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Tom January 17, 2006 06:38

Unsteady simulation of flow past wheel

I'm tying to run an unsteady simulation of compressible flow past a bluff body, namely a wheel, at Reynolds number around 10^6, with the hope of capturing the chaotic, unsteady wake. I have used a number of grids, with resolutions fromm 300,000 to 3million cells, and have been using the S-A turbulence model. My time step size is 1E-5.

My problem is that I cannot get an unsteady wake to develop. My results alwas give a symmetrical solution, which looks a lot like the steady-state solution, and there is no massively separated regions, shedding or anything to indicate an unsteady wake. My solutions indicate a system of streamwise vortices which occur as flow over the sides of the wheel spills over the edges and meets with flow over the upper and lower surfaces (hope this makes sense). The solution looks very simple and something I would expect to see from a much lower reynolds number.

I know that the S-A model is overly dissipative, and would tend to damp out shedding etc, but I have seen many papers where S-A has been used to calculate similar flows around bluff bodies.

I have run the simulation for many thousands of time steps, with little or no change in the flow structure. Also, the residuals seem to be oscillating between to upper and lower points, with no variation, or reduction in overal value. This doesn't seem to indicate an unsdeady behaviour, and would suggest that running the simulation for longer would be of little benefit as there is no sign of change.

Any ideas would be much appreciated.


J. Kim January 17, 2006 15:16

Re: Unsteady simulation of flow past wheel
Did you check weather the fluid started at inlet boundary was arrived and passed your bluff body? What about using your inlet velocity to initialize your computational domain?

Tom January 17, 2006 16:16

Re: Unsteady simulation of flow past wheel
Hi, thanks for the response.

I ran a steady-state solver for a few thousand iterations (starting from a pressure-far-field initialisation) until the residuals levelled off. I then used this steady state as the initial conditions for the unsteady solver.

Regarding the flow time: this may be why the simulation has not become unsteady, I may simply need to run the simulation for longer. I.e, until the flow has passed from the inlet to some distance passed the wheel.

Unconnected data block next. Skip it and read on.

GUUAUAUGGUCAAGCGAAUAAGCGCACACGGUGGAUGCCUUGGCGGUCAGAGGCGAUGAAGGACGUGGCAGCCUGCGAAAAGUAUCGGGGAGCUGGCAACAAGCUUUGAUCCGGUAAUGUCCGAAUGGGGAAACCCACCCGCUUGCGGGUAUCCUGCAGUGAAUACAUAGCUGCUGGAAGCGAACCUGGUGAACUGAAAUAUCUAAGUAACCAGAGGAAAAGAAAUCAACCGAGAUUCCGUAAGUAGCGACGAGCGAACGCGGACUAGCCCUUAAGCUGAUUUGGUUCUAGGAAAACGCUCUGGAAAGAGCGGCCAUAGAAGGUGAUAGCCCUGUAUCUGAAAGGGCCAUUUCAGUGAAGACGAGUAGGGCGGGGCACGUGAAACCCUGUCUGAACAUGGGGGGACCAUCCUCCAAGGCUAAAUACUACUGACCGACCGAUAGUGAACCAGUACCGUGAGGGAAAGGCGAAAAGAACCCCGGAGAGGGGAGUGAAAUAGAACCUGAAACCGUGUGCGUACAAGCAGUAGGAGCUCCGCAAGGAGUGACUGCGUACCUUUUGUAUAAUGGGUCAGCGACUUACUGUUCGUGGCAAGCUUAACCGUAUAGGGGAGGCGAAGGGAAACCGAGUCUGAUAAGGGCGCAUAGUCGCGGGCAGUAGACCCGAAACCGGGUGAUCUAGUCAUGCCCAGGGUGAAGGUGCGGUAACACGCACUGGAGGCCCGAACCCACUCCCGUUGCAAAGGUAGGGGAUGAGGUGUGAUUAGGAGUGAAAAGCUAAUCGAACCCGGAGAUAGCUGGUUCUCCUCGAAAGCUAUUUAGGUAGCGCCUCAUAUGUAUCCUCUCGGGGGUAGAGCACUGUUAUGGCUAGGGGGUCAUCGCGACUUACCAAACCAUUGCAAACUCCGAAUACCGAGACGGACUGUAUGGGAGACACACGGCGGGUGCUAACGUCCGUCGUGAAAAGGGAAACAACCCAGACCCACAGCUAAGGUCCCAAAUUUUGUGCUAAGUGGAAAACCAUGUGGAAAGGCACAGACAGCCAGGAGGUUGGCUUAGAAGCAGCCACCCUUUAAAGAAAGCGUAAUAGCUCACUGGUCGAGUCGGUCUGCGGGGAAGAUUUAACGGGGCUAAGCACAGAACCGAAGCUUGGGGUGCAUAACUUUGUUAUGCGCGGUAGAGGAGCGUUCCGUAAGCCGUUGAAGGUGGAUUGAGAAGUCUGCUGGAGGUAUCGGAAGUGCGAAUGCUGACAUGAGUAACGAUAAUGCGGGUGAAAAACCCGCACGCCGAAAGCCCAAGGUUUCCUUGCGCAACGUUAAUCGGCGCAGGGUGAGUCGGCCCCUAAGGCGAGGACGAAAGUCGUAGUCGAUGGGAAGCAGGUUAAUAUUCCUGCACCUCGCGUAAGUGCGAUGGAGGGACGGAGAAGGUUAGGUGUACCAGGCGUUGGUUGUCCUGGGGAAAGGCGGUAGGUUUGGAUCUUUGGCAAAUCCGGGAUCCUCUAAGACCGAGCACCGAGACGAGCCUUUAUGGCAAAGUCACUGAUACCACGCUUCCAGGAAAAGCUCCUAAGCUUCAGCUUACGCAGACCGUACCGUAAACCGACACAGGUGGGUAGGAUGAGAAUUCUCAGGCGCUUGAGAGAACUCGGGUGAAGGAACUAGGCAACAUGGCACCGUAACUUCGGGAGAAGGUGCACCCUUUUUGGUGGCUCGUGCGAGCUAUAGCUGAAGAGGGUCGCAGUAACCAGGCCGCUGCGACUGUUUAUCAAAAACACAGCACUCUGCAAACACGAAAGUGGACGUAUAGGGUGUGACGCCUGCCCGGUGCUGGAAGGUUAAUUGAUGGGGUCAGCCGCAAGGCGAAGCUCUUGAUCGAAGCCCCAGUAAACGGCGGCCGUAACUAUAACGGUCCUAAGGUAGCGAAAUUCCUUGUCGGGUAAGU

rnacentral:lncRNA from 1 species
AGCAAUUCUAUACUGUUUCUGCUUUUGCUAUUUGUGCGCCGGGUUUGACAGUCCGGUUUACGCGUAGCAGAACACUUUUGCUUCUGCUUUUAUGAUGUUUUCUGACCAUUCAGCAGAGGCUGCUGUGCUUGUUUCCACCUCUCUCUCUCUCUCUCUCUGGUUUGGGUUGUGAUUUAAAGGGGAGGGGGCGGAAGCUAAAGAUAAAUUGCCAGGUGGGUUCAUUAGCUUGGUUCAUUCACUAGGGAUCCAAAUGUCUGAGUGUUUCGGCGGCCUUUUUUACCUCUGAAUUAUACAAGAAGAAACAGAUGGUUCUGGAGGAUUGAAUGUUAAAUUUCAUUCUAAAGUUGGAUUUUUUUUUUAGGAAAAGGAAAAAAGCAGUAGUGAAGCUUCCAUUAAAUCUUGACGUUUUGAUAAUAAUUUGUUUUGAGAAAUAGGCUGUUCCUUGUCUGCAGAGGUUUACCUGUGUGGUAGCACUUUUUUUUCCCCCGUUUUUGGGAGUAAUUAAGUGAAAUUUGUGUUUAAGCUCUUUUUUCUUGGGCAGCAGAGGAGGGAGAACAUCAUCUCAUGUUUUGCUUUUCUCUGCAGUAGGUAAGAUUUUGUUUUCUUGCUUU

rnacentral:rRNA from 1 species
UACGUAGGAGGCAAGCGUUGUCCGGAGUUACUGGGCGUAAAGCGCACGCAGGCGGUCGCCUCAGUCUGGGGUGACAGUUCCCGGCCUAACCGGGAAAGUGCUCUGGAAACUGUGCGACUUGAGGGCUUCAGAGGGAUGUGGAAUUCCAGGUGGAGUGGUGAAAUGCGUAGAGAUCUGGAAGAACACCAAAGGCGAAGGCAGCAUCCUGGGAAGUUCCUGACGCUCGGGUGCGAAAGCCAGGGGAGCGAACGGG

Freeman January 17, 2006 17:55

Re: Unsteady simulation of flow past wheel
Why don't you use RNG or, better the Realizable? They capture high swirl and separated flows much better than the S-A, that is usually used only for aerodynamics of streamlined bodies.

By the way, I'm very interested in your work, because I'm also studying the influence of the wheel in cars aerodynamics. Could you send me some captures in order to see the history of the residuals, Cd and Cl? Also:

1. Tetrahedral or Quad elements? 2. Did you use boundary layer? How many layers and heigh? 3. Have you modeled only the wheel or also the contact between the wheel and the ground? If it is the latter, contact patch has a vertical blockage or you have just cut and trimmed the wheel by the ground plane? 4. What was your choice in the solver? I mean, did you started from a 1st order discretization scheme and after a few hundreds of iterations you switched to 2nd order?

Many thanks! Regards, Freeman.

J. Kim January 17, 2006 21:51

Re: Unsteady simulation of flow past wheel
Please find interesting figures as following;

kharicha January 18, 2006 04:52

Re: Unsteady simulation of flow past wheel
You are trying to simulate an unsteady mean flow with a RANS turbulent model.....wich model the effect of turbulence with an eddy viscosity. This viscosity can strongly damp transient oscillations in your system. This is a common problem of nearly all RANS models. The question is how can a RANS model distinguish between a turbulent oscillation and a mean flow fluctuation....

To verify that this is the origin of the problem, you can decrease the limit of the turbulent viscosity ratio by a factor of 10 to 50 %.

You are using the SA model, but by using other models (kepsilon, komega) you can get other magnitude and distribution of the turbulent viscosity try...